George, however, passed on the offer and instead went back to tinkering with his long gestating space opera, leaving Coppola to pick up the directorial reins on the movie that took top spot in Shadowlocked's Top 100 Movies Of The 1970s, the incomparable Apocalypse Now.
Ironically, had Coppola had his way, »
Love the smell of napalm in the morning? Have we got a treat for you. Francis Ford Coppola's trippy Vietnam masterpiece, Apocalypse Now, is back in cinemas this month, freshly restored and complete with a snappy new trailer (below). It's been given a brand new sheen by its director and offers anyone who missed the Redux version the chance to catch Captain Willard's boat ride on the big screen.For anyone who's been waiting for Chuck Norris to bust them out of a jungle detention centre for the past 32 years, Apocalypse Now sees Martin Sheen's Us Army captain Benjamin Willard accepting a morally murky and dangerous mission to head into off-limits Cambodia and kill a rogue Green Beret, Marlon Brando's Colonel Kurtz.Along the way, there's disorientating snatches of combat, big cats, Kilgore and thundering choppers. Wagner, surfing in the Mekong and Playboy bunnies. Robert Duvall, Frederic Forrest, »
Cindy Williams, Frederic Forrest in Francis Ford Coppola's The Conversation Francis Ford Coppola's The Conversation Review Part I Later, there is a press coterie following the young couple. Harry now believes that they are the ones who have murdered the Director, who has been killed in a car crash. Even the Director's young assistant, Martin Stett (Harrison Ford), seems to be in on the murder — if there was one. Caul's paranoia goes back to a single sentence that Mark utters to Ann, "He'd kill us if he had the chance." Throughout the film, Caul hears the emphasis on kill, meaning the couple feared the Director's wrath. After the Director is dead, Harry believes the emphasis was on us. Caul begins getting threatening phone calls to his apartment, telling him he's under surveillance. Going off the deep end, he tears apart his apartment looking for the bug, to no avail. »
- Dan Schneider
The Conversation (1974) Direction and Screenplay: Francis Ford Coppola Cast: Gene Hackman, Robert Duvall, Frederic Forrest, Allen Garfield, John Cazale, Cindy Williams, Michael Higgins, Elizabeth MacRae, Teri Garr, Harrison Ford Oscar Movies Gene Hackman, The Conversation By Dan Schneider of Cosmoetica There are some works of art that are both obviously derivative and just as obviously inferior to the originals. Those simply ape the earlier work, tweak a few minor things, and try to pass off their theft as an "homage." The Conversation (1974), written and directed by Francis Ford Coppola and winner of the Cannes Film Festival's Palme d'Or, is not one of those minor works. Though it has an indebtedness to Michelangelo Antonioni's brilliant Blowup (1966), The Conversation does not merely ape that film's existential dilemma of an accidental photograph possibly cluing its lead character into murder. Instead, Coppola's film probes far more deeply into the mind of Harry Caul »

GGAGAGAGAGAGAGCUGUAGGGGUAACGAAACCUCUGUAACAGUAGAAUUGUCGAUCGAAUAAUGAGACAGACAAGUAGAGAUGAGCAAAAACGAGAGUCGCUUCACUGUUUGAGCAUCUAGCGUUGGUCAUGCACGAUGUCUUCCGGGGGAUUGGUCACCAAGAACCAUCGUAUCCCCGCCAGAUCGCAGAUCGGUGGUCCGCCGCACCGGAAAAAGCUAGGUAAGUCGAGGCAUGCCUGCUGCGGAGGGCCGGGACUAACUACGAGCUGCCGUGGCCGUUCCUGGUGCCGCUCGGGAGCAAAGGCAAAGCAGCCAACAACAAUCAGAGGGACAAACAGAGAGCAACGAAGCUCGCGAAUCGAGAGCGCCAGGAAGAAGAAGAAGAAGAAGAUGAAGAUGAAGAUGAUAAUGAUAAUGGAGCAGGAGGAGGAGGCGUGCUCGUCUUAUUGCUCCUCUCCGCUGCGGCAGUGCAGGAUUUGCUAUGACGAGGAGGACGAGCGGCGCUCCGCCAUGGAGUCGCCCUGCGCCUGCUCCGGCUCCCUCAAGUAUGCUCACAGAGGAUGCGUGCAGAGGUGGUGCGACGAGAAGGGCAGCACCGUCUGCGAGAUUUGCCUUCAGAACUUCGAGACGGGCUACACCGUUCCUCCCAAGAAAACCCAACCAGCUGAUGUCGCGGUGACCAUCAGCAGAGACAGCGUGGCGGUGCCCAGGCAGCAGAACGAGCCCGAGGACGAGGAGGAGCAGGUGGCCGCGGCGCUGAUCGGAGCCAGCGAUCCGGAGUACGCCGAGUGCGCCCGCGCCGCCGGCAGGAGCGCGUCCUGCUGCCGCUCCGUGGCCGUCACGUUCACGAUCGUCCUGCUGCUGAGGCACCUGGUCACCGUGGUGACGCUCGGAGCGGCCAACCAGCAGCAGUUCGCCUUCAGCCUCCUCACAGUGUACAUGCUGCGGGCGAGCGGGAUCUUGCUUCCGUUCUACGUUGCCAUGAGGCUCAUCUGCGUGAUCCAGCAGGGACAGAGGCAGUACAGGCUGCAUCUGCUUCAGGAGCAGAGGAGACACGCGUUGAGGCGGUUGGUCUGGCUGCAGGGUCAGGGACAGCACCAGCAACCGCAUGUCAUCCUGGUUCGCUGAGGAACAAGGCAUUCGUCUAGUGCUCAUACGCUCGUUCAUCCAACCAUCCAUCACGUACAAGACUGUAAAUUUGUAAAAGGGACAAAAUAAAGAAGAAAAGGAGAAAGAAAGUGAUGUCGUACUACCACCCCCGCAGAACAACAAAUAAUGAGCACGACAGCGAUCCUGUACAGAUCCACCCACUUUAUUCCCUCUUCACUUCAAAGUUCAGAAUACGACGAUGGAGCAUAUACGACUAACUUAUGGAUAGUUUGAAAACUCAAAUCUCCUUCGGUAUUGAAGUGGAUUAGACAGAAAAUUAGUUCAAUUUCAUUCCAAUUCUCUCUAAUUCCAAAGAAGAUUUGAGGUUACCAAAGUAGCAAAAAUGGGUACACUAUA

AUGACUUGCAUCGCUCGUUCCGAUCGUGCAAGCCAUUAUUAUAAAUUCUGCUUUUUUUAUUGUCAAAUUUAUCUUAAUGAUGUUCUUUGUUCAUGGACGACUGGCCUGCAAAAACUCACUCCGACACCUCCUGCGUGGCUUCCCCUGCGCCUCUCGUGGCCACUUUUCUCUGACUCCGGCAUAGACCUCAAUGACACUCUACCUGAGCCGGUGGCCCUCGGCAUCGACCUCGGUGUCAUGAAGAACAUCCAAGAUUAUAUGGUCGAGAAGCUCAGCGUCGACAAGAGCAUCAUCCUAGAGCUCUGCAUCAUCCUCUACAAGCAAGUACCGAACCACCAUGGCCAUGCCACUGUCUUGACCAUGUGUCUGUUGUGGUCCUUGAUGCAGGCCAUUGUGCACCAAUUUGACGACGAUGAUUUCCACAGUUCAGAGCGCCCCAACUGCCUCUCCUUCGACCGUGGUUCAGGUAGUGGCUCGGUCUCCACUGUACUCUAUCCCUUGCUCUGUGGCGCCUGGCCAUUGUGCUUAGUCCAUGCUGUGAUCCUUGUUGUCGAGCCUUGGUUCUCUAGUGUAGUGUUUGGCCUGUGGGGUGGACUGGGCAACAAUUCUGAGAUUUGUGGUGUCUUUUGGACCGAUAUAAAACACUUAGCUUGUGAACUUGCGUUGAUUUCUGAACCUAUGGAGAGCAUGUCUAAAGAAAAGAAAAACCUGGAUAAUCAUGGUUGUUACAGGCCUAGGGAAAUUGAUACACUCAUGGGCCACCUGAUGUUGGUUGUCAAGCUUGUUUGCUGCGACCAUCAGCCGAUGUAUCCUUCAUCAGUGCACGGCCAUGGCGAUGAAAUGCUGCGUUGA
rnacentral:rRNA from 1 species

- Dan Schneider
Energetic founder of the pioneering experimental theatre club La MaMa
The major impetus and example for much of our first fringe and alternative theatre 50 years ago came from New York, specifically a small group of off-off-Broadway and Greenwich Village cafe theatres where Ellen Stewart, who has died aged 91, reigned supreme as the founder and artistic director of La MaMa Experimental Theatre Club.
Although never renowned as an actor or director herself (she took to directing in later life), Stewart generated creative energy and excitement in others, incontrovertible proof that theatre can only thrive given the right circumstances or opportunities.
She considered her artists as her family and, in the earliest days, kept them in clothes from her work as a designer. Many actors slept in her apartment or in the theatre itself. In British terms, she was the Lower East Side's Lilian Baylis, with elements of Sybil Thorndike and Thelma Holt. »
- Michael Coveney
Nastassja Kinsi by Richard Avedon
Editors note: For Nastassia Kinski's 50th birthday, I asked Glenn to write up a bit on her appearance in "One From the Heart" since it's a movie I know he loves (even more than me and I like it quite a lot) and also because I like to mark the big milestones for actresses and films. If you haven't seen this movie rent it. If you're too young to know Kinski's work, other must sees include Roman Polanski's Oscar nominee "Tess", the horror remake "Cat People" and Wim Wenders "Paris Texas". Here's Glenn from the great blog Stale Popcorn.
I’m going to commit what must be one of the ultimate cinephile no-no’s and go on the record as stating One from the Heart is my favourite Francis Ford Coppola film. Yes, moreso than The Conversation or Apocalypse Now, even moreso than »
- Glenn Dunks
19 items from 2011